Toledo’s 63-point margin of victory over VMI was its largest since 1951, when UT defeated Davis & Elkins 88-0. It is also the third-largest margin of victory in program history. UT’s 66 points marked the sixth time under Head Coach Jason Candle that the Rockets have scored at least 50 points, and the second time they have scored at least 60.

Miami, which is ranked No. 21 in the AP Poll and No. 20 in the coaches list, is led by senior quarterback Malik Rosier, who threw for 131 yards and two TDs in the win over Savannah State. He completed 27 of 36 passes for 333 yards to rally the Hurricanes from a 16-10 deficit to defeat the Rockets in Miami last year, 52-30. Mark Walton paced the running attack in that game with 204 yards on just 11 carries.

This will be the ninth time Toledo has hosted a Top 25 team and the first time since 2014 when No. 22 Missouri knocked off the Rockets, 49-24.

A limited number of tickets are still available: Click here or call 419.530.GOLD (4653). UT students are admitted free with ID, and UT employees can purchase two tickets at half off.

Fans are reminded to get to the game early and to use entrances off Douglas Road, Dorr Street and Secor Road to avoid the construction on Bancroft Street. Stadium Drive Live will start at 9 a.m.

Students, faculty to present interactive attractions at Momentum

The University of Toledo School of Visual and Performing Arts faculty and students will participate in the 2018 Momentum arts and music festival.

Momentum is a three-day festival along the riverfront at Promenade Park in downtown Toledo. The free, public events will take place Thursday through Saturday, Sept. 13-15.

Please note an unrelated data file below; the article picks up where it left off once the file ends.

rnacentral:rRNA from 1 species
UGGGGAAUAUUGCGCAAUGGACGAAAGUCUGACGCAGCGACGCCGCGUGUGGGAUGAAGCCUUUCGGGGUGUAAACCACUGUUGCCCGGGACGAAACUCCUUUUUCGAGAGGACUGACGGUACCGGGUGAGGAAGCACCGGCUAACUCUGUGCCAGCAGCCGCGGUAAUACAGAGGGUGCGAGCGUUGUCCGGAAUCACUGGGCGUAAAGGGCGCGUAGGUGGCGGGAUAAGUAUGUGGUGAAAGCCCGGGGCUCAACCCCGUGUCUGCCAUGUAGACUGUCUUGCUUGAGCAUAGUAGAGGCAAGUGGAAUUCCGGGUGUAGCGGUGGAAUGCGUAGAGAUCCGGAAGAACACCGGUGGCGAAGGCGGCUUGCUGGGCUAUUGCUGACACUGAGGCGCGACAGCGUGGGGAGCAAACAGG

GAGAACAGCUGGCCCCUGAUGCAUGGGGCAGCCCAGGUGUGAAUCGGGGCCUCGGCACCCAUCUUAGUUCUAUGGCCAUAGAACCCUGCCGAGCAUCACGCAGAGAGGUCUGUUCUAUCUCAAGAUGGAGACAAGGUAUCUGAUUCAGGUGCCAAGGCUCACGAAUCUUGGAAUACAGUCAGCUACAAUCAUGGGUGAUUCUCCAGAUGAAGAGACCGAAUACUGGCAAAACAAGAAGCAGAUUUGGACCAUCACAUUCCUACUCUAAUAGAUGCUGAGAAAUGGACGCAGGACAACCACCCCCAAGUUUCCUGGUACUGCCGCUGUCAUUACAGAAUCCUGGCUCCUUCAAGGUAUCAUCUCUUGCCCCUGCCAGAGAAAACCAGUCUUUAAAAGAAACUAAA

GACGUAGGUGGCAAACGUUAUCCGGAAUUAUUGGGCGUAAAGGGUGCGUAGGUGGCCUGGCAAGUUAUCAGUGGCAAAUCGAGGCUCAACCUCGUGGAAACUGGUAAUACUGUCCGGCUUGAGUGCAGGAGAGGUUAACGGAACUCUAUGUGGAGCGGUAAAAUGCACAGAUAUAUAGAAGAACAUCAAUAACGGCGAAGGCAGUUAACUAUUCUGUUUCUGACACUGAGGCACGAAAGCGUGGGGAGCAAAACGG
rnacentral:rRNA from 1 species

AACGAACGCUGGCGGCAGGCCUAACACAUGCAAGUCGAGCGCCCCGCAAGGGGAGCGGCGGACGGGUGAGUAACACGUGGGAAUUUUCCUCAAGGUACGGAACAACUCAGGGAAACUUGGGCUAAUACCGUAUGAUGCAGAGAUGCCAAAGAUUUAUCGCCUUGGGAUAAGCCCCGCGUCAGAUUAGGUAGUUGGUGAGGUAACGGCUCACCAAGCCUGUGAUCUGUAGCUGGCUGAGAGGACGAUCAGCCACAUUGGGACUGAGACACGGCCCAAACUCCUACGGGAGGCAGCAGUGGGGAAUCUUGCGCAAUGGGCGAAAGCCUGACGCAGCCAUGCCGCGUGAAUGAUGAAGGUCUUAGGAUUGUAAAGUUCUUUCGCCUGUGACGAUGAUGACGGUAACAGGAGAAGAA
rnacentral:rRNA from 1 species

UT students and faculty will present several attractions this year during the Mini Maker Faire Saturday, Sept. 14, from noon to 6 p.m.

The family-friendly faire showcases invention, creativity and resourcefulness, and is a celebration of the Maker Movement. It’s a place where people show what they are making and share what they are learning.

UT attractions during the Mini Maker Faire are:

• All Together Now by Julia Labay Darrah and Yusuf Lateef, UT students. All Together Now combines aspects of play, sculpture, and installation using interchangeable life-size forms. These lightweight sculptures will feature a conglomerate of images of the human body and will be placed on a stage, inviting participants to interact with the forms to create a “family photo.”

• Dialogue With the River by Barbara Miner, professor and chair of the UT Art Department. This group project will enable hundreds of people to participate in the creation of an aesthetically engaging, temporary work of art. Based on Tibetan prayer flags, hand silk-screened flags with environmental information about the Maumee River and Lake Erie printed on colorful fabric will be created. The flags will be available for individuals to write on and create dialogues, wishes and pledges for the health of the river and the lake. The customized flags will then be strung on the tent-like uprights, creating a moving wind-driven sculpture. “The idea is that the wind will carry the good wishes and the promises out into the world in hopes that the newly gained awareness of the river’s plight will influence the choices each of us makes,” Miner said. Informational materials from regional and national groups such as Partners for Clean Streams, the Black Swamp Conservancy and the Nature Conservancy will be available.